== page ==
33 and 143 indicate that ethyl chloride is highly mobile in soil and susceptible to significant
leaching. Within moist soil systems where evaporation cannot occur, ethyl chloride will react with
water via hydrolysis; the estimated hydrolysis half-life in pure water at 25 deg C is 38 days. Very
limited biodegradation data suggest that ethyl chloride may be biodegradable, but insufficient data
are available to estimate the relative importance of biodegradation in the environment.
AQUATIC FATE: The dominant environmental fate process for ethyl chloride in surface waters
is probably volatilization. Volatilization half-lives from a representative pond, river and lake have
been estimated to 5.6, 1.1, and 4.5 days, respectively. Ethyl chloride hydrolyzes in water;
however, the estimated hydrolysis half-life of 38 days at 25 deg C is not competitive with
volatilization as a removal mechanism from water. In groundwater, where volatilization may not
be able to occur, hydrolysis may be the most important removal mechanism. Very limited
biodegradation data suggest that ethyl chloride may be biodegradable, but insufficient data are
available to estimate the relative importance of biodegradation in the environment.
Bioconcentration, adsorption, direct photolysis, and oxidation are not important aquatic fate
ATMOSPHERIC FATE: The dominant atmospheric degradation process for ethyl chloride is
probably the vapor-phase reaction with hydroxyl radicals, (estimated half-life of about 40
days ). This tropospheric half-life suggests that less than one percent of the ethyl chloride will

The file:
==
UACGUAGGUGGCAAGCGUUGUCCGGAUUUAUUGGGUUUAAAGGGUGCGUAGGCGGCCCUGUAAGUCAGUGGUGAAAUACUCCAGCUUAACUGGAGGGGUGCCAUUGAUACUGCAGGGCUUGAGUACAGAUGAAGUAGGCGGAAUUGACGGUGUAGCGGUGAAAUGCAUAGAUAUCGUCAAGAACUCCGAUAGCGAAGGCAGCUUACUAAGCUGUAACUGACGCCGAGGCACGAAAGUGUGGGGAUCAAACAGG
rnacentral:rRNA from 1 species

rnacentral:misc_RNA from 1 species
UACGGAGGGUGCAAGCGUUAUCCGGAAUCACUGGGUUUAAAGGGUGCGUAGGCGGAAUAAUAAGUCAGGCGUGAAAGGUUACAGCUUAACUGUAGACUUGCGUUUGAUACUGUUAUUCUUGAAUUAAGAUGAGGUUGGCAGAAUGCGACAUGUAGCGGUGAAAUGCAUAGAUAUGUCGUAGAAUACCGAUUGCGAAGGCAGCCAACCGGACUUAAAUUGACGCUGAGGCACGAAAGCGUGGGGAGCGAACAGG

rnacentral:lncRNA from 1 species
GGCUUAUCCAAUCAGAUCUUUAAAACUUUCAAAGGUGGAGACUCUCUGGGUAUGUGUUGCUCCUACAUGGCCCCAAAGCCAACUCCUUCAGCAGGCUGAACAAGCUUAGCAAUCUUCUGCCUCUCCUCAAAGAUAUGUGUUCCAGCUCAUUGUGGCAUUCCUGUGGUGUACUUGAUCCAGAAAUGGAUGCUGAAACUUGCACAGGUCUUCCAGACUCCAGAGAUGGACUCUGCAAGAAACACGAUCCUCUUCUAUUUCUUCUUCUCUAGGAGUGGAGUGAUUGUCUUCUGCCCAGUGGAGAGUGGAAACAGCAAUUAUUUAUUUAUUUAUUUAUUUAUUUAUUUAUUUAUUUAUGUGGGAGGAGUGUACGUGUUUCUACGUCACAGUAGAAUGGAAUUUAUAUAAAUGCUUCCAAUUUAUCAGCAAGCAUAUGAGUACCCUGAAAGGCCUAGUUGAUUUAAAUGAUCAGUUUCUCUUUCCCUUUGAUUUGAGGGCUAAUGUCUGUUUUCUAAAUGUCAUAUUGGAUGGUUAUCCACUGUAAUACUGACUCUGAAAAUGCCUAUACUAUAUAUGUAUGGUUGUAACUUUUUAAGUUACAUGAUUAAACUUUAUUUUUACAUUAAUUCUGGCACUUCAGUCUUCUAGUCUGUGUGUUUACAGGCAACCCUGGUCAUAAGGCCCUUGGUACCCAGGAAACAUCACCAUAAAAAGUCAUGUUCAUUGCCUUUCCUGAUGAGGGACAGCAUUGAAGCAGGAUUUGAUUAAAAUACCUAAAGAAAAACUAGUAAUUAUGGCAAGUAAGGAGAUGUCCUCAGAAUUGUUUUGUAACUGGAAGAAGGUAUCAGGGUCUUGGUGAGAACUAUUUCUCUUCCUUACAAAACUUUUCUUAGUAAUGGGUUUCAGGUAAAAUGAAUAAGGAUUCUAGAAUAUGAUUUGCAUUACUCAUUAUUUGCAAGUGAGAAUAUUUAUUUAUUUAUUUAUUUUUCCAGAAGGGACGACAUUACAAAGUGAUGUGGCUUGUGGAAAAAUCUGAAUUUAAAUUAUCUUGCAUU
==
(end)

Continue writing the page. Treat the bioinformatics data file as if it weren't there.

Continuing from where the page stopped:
eventually diffuse above the ozone layer where it will be destroyed by photolysis . Ethyl
chloride will not directly photolyze below the ozone layer. Atmospheric removal via washout may
be possible; however, any ethyl chloride which is removed in this manner will probably revolatilize
into the air.
|Drinking Water Impact|| Due to low solubility in water, 5.74 g/l, monochloroethane would be present only in
water near point sources. In surface water the compound would volatilize into the atmosphere.
DRINKING WATER: Ethyl chloride was qualitatively identified in drinking water from Miami,
FL, Philadelphia, PA and Cincinnati, OH .
GROUNDWATER: Ethyl chloride was detected in groundwater in Wisconsin at a level of 90
ug/L 80 m downgradient from a contamination source of chlorinated solvents; the presence of the
ethyl chloride was attributed to breakdown of other chlorinated compounds . Ethyl chloride
levels of 4.3-136 ppb were identified in groundwater beneath the Miami Drum waste site in FL .
SURFACE WATER: An analysis of the USEPA STORET Data Base has reported positive
detection of ethyl chloride in 6.0% of 994 ambient water observation stations at a median concn
below 10 ppb .
EFFL: An ethyl chloride concn of 1.5 ppb was detected in the final wastewater effluent from a
Los Angeles County treatment facility in 1981 . An analysis of the USEPA STORET Data Base
has reported positive detection of ethyl chloride in 2.6% of 1323 effluent observation stations at a
median concn below 10 ppb . Raw wastewaters from 9 organic chemical manufacturing
facilities contained a mean ethyl chloride concn of 240 ppb . Ethyl chloride was qualitatively
detected in leachates and associated groundwaters from various municipal landfills in
Minnesota . Ethyl chloride has been identified as a gas emitted from landfill simulators .